How a king's death helped me find peace with Hillary
About five years ago in Bangkok, Thailand, I was chugging beers in a bar with strangers in that intimate and adoring way you can only do with people you’ll never see again. As the night progressed, we became stuck on the topic of America. We all agreed, it’s one of the greatest countries in the world, a topic that eventually inspired us to go see a new movie starring the greatest American of all time: Superman.
There were commercials and previews, and my new besties sloppily joked and played popcorn mouth basketball — until, that is, a strange thing came up on screen: against a blue background, a yellow emblem, with a national anthem playing under it, followed by a screensaver montage of pictures of their king, Bhumibol Adulyadej.
I’ve spent months of my life in Thailand through the years, and recent news of the king’s death made me unexpectedly sad. After all, I like democracy: I have no loyalty to kings. But my sadness helped me think about this year’s presidential race in a brand-new way, and find peace with the choice we’re facing between a giant douche and a turd sandwich.
There was a moment of silence in the theatre. Quick as spit, my eternal homies sprung to their feet and slapped their hands over their hearts. It was like we do at our anthem at football games, only with no chatter, with no one checking their phones.
I ignorantly stayed plopped in my cinema seat.
They turned on me: “Stand up!” one hissed. “Your hand on your heart!” I replied that I am an American. We had a little stomp with the Brits 240 years ago; Big Riles ain’t standing up for your Big Chief.
Their eyes attacked me like daggers while a few drunken mouths loudly hissed Thai curses. The two then moved to another row. The anthem separated us. It showed they were clearly Thai — and I wasn’t.
Lots of countries have kings and queens. But Thailand adored its king. Its love for a leader was unlike the forced love of North Korea, or the semi-ironic love of the Brits.
Thailand is a tumultuous place: it’s not a country, it’s a tree-covered disaster area. But no matter what, the Thai king was always the same. During floods, he personally directed rescue efforts. During political coups, he mediated between the two sides.
When he died recently, at the age of 88, after ruling for 70 years, Thais flooded the streets and nearly flooded the gutters with their tears.
Ever since 2000, I’ve been confused by American politics. That year, the republicans nominated George Bush Jr., son of a former president. He seemed kind of dim and unmotivated, like the boss’s son who got promoted to assistant manager at the Dairy Queen before he fully understood the Blizzard machine. There were fourteen other people who seemed more qualified — and several chimps. And even though Bush Jr. didn’t win the popular vote one election, he ended up crapping in the West Wing for 8 years, and crapping on America for going on 16.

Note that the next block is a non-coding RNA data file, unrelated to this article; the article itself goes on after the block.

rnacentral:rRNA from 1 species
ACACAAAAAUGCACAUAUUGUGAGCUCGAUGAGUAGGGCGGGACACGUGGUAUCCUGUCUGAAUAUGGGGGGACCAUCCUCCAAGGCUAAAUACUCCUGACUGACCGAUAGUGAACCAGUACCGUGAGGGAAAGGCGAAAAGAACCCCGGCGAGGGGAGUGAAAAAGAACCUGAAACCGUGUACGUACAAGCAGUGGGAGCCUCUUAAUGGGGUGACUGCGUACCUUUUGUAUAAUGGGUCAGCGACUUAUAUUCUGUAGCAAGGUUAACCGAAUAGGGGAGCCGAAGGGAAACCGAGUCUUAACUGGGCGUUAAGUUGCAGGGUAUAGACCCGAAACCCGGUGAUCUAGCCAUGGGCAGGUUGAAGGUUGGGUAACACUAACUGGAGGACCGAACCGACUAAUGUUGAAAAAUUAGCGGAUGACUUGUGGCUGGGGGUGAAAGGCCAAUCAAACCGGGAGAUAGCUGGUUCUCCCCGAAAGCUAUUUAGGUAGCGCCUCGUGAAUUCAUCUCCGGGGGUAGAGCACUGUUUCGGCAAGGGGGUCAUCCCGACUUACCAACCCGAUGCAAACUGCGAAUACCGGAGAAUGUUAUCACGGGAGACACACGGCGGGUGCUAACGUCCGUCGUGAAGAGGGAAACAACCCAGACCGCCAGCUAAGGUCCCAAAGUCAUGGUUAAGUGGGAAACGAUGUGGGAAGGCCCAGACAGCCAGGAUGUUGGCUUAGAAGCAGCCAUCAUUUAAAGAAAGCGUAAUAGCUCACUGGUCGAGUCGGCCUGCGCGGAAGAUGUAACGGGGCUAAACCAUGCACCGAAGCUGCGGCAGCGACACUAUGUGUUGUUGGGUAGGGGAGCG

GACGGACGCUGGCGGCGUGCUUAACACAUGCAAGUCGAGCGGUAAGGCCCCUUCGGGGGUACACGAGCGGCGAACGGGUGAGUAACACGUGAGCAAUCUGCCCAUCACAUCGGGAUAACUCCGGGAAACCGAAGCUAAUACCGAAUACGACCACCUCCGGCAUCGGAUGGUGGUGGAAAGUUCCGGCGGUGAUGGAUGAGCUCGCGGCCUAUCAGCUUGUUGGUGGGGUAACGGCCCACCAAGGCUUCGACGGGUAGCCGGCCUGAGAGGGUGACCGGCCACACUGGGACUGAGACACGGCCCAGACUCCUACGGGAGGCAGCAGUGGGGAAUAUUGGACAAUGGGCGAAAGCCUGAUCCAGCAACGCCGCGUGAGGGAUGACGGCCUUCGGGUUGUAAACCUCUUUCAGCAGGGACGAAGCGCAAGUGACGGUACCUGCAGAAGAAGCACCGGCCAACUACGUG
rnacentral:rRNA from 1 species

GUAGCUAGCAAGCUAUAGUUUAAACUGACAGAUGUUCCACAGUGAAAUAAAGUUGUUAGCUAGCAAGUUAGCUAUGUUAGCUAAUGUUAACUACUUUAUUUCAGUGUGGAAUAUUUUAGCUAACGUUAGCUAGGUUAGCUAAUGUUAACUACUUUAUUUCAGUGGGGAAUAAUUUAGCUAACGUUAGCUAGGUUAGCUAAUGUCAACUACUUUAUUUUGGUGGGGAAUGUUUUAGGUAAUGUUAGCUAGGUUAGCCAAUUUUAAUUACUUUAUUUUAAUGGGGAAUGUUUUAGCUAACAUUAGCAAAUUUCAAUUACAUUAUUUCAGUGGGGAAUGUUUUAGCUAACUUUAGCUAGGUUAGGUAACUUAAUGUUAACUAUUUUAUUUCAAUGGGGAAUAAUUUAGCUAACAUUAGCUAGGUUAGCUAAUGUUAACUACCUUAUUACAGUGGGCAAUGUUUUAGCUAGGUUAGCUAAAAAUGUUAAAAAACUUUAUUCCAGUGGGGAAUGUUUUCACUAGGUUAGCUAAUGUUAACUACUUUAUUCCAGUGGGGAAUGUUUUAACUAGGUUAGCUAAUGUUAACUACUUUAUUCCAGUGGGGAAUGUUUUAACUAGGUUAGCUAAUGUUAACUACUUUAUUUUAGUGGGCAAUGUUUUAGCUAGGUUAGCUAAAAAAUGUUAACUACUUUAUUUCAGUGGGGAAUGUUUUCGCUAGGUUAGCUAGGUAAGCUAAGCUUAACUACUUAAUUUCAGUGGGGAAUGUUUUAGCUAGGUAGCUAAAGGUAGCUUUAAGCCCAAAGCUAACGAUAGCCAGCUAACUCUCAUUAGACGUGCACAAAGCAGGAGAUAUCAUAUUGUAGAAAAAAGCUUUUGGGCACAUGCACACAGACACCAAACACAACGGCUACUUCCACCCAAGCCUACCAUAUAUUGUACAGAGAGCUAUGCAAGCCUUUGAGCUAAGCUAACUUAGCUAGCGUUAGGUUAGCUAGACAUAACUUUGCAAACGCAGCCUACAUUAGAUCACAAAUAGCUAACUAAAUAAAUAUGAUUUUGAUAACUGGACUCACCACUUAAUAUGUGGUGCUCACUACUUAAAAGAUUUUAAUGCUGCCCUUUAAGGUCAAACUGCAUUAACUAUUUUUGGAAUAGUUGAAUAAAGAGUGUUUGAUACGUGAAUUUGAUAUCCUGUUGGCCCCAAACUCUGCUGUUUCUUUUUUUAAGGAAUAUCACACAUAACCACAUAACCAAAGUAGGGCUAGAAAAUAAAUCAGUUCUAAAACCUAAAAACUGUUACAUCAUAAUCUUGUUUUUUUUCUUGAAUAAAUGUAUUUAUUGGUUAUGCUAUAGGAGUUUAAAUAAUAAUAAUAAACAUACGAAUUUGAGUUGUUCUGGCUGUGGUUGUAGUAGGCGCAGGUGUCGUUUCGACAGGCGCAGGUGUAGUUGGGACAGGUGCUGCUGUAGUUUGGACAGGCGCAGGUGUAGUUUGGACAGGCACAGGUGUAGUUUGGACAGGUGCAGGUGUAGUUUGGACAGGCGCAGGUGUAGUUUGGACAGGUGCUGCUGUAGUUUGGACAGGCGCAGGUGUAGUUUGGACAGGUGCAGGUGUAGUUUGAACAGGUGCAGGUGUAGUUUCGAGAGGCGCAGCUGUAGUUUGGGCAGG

I think presidents are the closest thing we have to royalty — they’re like our kings. They can start wars and change the rules and they don’t obey all the laws. We might secretly love kings. Forget all the fighting we did to rid ourselves of British rule, forget all our love songs to democracy, we’re dumb bipeds just like everybody else, and we love shiny epaulets and flashy planes and cars that royalty always rides in. We picked George Bush Jr. not because he was likable, but because he was the son of the former king. We’re all a little submissive. We want to be dominated by a strong king.
We want stability.
By all predictions, In January 2017, the president will likely be Hillary Clinton — wife of a former king.
Like many Americans (even the many people who are voting for her), Hillary Clinton brings up a special little ball of contempt in me. She voted for the Iraq War because it was the politically easy thing to do. She didn’t support gay marriage until 2013, although she had to have known it was the right thing for equality. And the way she doesn’t seem to stand for anything at all beyond the most centrist position possible, irks me to no end. She’s as inspiring as a bag of mulch. I wouldn’t follow her on an afternoon hike, let alone into a war she’s likely to get us into.
But I’m not going to hate being her loyal subject. She’s something I know. She’s a Clinton — a descendent of America’s kings. We need the Clintons like Thailand needed its royalty, because the Clintons represent stability.
In this schizophrenic world, where beheadings lead the evening news and the Earth is one big microwave, the Clintons usually do the semi-reasonable thing. At least we know what we’re getting.
Democracy is scary. Monarchy is safe. Until human nature changes, the Thais will want their kings, and American will treat our presidents like kings, too, and keep electing the relatives of former presidents.
Soon, they’ll play the Clintons’ personal anthem before all our movies, and we’ll stand at attention while a slideshow plays of presidents Bill, Hillary, Chelsea and Charlotte.
And anyone who doesn’t stand up? They aren’t one of us.